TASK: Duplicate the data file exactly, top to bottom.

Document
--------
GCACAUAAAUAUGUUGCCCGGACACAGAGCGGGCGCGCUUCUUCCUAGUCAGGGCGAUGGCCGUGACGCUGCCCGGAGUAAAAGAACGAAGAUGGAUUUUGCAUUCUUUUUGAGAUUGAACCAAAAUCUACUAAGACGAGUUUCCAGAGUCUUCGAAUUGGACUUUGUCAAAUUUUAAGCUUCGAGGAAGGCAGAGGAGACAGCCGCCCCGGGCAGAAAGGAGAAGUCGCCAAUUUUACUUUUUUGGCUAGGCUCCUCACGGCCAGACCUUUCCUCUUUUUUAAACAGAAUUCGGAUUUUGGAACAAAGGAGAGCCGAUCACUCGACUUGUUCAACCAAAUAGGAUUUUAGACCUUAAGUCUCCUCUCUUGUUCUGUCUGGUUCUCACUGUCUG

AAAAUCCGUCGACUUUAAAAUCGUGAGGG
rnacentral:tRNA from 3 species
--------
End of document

GCACAUAAAUAUGUUGCCCGGACACAGAGCGGGCGCGCUUCUUCCUAGUCAGGGCGAUGGCCGUGACGCUGCCCGGAGUAAAAGAACGAAGAUGGAUUUUGCAUUCUUUUUGAGAUUGAACCAAAAUCUACUAAGACGAGUUUCCAGAGUCUUCGAAUUGGACUUUGUCAAAUUUUAAGCUUCGAGGAAGGCAGAGGAGACAGCCGCCCCGGGCAGAAAGGAGAAGUCGCCAAUUUUACUUUUUUGGCUAGGCUCCUCACGGCCAGACCUUUCCUCUUUUUUAAACAGAAUUCGGAUUUUGGAACAAAGGAGAGCCGAUCACUCGACUUGUUCAACCAAAUAGGAUUUUAGACCUUAAGUCUCCUCUCUUGUUCUGUCUGGUUCUCACUGUCUG

AAAAUCCGUCGACUUUAAAAUCGUGAGGG
rnacentral:tRNA from 3 species